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Rookie O-Linemen Immersed in Playbook

Posted May 17, 2014

Draftees Matt Paradis and Michael Schofield are finding that intense study continues even after they've moved on from college.

ENGLEWOOD, Colo. -- The cerebral challenges for offensive linemen are unique. That the Broncos' intricate offense emphasizes pre-snap checks and calls only increases the burden.

Cramming later this summer won't do any good to prepare the Broncos' two drafted offensive linemen for training camp. The intense study began this week, when they were handed their playbacks and iPads and channeled the focus typically used for undergraduate courses into football.

"One thing that benefits us now is that we don't have school," said sixth-round pick Matt Paradis. "I can spend a lot more time in the playbook and focus on that."

And this week, "a lot more time" has meant "almost every spare moment."

"You've got to pretty much be in your playbook every single chance you have, especially when you're a rookie right now, just starting off, you want to make sure you're crisp going into practice -- as crisp as you can be," said third-round selection Michael Schofield.

Added Paradis: "Every night when I go home to the hotel I got the playbook open. And that's just what I'm doing … I'm thumbing through it until I go to sleep."

The pace is faster, too -- even for non-contact work like this weekend's.

"You can tell for practice, especially individual, we're going non-stop, and when you're going non-stop at this altitude, it's no joke; it gets to you," said Schifield. "You start getting winded pretty quick.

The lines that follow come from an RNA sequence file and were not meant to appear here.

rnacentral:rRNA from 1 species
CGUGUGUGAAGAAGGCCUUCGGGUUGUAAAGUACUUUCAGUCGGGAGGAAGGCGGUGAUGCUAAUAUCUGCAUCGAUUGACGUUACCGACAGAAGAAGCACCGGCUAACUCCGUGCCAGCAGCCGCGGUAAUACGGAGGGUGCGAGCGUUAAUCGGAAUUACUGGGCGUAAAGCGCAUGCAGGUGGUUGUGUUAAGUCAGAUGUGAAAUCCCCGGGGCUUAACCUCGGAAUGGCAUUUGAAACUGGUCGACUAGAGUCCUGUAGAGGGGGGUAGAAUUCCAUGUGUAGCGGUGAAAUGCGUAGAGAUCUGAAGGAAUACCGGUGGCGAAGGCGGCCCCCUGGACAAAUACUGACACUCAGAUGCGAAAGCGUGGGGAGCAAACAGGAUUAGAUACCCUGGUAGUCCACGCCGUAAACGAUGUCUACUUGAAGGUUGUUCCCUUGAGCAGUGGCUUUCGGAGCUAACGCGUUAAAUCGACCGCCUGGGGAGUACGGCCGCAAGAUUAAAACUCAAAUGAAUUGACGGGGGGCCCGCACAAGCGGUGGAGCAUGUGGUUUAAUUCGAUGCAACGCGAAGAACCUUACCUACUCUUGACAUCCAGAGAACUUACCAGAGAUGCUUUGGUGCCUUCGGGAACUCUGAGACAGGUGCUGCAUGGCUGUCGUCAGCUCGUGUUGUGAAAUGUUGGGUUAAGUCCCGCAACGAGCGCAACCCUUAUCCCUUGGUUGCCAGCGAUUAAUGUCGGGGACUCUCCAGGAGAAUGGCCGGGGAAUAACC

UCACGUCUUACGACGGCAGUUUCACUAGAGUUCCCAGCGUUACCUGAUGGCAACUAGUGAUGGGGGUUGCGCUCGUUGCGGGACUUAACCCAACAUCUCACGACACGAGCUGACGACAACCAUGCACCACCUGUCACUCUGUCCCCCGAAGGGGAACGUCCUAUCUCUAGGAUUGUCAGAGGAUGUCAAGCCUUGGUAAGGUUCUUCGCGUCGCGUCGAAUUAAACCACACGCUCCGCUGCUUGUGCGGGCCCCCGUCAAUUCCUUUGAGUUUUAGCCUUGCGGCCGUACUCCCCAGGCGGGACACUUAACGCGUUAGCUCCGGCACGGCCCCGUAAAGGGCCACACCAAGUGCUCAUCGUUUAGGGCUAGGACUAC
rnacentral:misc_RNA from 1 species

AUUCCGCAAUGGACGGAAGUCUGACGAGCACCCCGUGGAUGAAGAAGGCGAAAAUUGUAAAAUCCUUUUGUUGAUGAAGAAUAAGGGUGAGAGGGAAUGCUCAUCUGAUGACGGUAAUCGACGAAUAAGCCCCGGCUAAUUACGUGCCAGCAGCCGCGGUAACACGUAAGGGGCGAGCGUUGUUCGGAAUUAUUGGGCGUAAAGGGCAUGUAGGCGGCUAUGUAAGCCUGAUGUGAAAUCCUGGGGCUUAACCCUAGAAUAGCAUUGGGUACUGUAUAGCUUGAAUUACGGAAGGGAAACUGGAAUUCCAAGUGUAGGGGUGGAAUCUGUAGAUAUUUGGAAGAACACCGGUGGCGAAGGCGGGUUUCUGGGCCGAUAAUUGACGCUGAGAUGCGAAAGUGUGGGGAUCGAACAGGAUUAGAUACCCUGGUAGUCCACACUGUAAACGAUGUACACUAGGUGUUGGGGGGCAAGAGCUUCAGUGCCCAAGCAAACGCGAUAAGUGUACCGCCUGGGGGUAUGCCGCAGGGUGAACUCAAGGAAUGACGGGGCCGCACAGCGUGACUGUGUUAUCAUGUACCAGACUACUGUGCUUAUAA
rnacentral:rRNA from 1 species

But in general, the complex playbook the single biggest difference between college and the NFL. The Boise State offense in which Paradis flourished was closer to a pro style than the one in which Schofield started at Michigan, where his task was usually simple: line up and block the man in front of you.

"I mean, it's just totally different than what it was at Michigan," he said. "Michigan, it was pretty much zone left, zone right, you know exactly what you're doing.

"Here, pass [protection] is my biggest thing, because at Michigan it was pretty simple, and here, it's like, you've got to figure out what the [middle linebacker] is, and you've got to figure out if you've got the [weakside linebacker] or the [strongside linebacker]."

For that, Schofield knows he needs help. That's where the experienced hands on the field this weekend have their biggest impact.

The term "rookie minicamp" is a bit of a misnomer. There are plenty of practice-squad players around who did not take a regular-season snap last year. That group includes tackles Paul Cornick and Vinston Painter and guard Ben Garland.

"This would be a lot harder if it was all rookies right now, especially on the offensive line," said Schofield. "Those three vets, I mean, if I go out there and I make a wrong call, Painter's next to me, he's correcting me and telling me what I should be doing. So it's huge. It's a lot of help."

But help will only go so far. Schofield and Paradis know that progress will be predicated on what each does alone, when left with a playbook, a notepad, and time to study.